Welcome to transitwaycolumbia.org
History & Background
Updated February 2020
In 1964 Columbia's visionary founder, James Rouse, laid out a plan for a new city which would be radically different from the bedroom communities of that day. Five villages, each with its own shopping center, schools, and centers for community gatherings and recreational activities would linked by a network of pathways which extended to include the hospital and community college. Man-made lakes and ample woodlands and open space owned and maintained by the Columbia Association would provide an attractive and environmentally sustainable buffer as new villages were added and population increased. What was then called Town Center, and is now Downtown, contained the Columbia Mall, major entertainment venues, and administrative offices such as for the Columbia Association.
City planners set aside a 50 foot wide right-of-way for a transitway which would provide a car-free link for residents to get between locations without use of an automobile. In 1968, Rouse submitted a proposal for a federal grant to build an elevated route along the transitway for autonomous electric minibuses which could be summoned by passengers who could specify their destination.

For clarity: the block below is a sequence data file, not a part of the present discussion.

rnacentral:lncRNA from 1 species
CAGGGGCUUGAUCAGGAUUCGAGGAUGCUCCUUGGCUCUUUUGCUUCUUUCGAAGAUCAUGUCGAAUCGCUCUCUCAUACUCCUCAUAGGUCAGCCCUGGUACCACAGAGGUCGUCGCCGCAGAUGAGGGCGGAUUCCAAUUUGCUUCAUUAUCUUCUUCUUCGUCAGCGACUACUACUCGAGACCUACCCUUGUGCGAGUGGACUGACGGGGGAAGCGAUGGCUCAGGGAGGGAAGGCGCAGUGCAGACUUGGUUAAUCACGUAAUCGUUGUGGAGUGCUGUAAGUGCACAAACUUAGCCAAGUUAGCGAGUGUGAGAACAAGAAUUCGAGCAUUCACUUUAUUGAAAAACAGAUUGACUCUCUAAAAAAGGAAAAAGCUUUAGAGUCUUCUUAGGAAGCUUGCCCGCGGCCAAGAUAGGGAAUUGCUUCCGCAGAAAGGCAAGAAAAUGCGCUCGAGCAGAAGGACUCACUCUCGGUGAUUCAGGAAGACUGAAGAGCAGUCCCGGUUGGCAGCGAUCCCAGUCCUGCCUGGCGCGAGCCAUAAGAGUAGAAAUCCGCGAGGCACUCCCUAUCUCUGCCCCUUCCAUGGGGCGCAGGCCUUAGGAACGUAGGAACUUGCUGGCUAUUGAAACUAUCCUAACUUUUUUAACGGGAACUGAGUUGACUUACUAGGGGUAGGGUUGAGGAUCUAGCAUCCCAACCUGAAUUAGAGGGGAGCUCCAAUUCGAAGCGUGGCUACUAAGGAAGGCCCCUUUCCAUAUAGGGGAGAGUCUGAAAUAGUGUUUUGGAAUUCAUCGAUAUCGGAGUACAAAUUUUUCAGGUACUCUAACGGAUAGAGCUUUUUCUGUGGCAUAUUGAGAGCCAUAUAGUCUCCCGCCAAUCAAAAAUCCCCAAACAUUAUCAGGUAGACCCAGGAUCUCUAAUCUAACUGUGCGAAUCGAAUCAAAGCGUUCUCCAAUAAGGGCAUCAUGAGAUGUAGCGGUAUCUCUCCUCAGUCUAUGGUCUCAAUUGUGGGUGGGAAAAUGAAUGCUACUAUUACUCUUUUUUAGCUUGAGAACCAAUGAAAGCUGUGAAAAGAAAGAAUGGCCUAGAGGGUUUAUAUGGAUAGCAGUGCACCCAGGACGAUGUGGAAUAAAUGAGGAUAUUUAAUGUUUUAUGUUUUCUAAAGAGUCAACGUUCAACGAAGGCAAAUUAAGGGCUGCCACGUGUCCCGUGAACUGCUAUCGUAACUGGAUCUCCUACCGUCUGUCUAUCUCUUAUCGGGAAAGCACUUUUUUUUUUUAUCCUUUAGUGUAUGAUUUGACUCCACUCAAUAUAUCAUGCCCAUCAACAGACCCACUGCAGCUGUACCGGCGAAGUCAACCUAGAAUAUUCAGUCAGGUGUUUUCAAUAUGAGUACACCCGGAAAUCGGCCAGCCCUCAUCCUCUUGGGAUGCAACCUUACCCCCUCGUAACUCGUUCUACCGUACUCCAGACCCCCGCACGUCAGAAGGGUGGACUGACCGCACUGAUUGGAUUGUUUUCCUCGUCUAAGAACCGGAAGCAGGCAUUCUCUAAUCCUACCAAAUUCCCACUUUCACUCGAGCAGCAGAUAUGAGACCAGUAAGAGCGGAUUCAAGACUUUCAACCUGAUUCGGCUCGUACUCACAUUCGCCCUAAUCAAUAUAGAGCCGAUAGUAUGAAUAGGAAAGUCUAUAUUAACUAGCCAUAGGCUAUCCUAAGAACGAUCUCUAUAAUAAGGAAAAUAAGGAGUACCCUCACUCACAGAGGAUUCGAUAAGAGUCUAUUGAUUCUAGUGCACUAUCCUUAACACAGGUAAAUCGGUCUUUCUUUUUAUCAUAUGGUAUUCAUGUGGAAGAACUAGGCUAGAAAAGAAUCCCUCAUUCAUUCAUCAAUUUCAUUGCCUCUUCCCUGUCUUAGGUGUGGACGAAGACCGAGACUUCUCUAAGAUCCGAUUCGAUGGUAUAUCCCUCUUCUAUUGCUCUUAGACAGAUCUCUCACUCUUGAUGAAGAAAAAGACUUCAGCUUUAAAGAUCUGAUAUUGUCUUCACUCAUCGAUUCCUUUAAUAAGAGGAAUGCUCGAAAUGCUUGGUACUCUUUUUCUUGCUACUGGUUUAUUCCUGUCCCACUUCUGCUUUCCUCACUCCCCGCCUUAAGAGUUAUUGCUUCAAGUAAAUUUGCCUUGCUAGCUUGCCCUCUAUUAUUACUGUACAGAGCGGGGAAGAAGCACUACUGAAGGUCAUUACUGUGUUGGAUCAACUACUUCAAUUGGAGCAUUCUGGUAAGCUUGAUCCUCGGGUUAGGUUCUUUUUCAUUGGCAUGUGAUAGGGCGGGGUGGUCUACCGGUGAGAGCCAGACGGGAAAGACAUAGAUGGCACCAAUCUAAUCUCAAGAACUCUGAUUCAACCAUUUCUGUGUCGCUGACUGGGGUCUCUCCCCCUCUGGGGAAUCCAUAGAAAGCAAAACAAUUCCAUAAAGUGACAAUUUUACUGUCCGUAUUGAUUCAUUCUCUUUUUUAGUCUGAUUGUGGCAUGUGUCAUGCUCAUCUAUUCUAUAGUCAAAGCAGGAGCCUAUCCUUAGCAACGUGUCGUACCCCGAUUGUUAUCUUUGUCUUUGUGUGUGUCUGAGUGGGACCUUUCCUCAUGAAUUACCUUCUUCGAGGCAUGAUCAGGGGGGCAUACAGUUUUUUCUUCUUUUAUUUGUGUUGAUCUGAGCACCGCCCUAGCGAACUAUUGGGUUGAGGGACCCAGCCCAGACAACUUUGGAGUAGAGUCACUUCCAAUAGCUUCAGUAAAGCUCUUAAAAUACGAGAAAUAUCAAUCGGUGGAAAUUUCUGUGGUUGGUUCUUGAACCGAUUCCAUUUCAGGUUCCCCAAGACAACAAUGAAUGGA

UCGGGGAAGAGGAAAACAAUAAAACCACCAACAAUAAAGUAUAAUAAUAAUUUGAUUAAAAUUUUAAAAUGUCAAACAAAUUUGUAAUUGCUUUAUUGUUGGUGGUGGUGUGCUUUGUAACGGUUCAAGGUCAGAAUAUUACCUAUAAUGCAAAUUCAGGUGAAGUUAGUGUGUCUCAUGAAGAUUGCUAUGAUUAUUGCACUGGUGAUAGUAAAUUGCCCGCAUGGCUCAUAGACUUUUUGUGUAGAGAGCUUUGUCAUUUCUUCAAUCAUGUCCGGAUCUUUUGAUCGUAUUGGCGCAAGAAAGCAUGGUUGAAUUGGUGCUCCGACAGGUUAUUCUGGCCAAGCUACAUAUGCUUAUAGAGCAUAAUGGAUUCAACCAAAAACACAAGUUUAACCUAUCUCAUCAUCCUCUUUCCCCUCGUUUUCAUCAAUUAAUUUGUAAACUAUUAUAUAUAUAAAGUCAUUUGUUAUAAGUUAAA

Unfortunately the federal grant went to West Virginia where an electric monorail now connects three campuses of West Virginia University with Morgantown city center. Without the funding which the grant would have provided, the Columbia transitway was never completed. This transitway, still largely intact, is owned by the Columbia Association.
It's Time to Build the Transitway
As automobile traffic in Columbia reaches unsustainable levels and "Olli", an autonomous electric minibus, wins support to operate on public roads in Maryland, our advocacy group believes the time has come to build Rouse's planned transitway.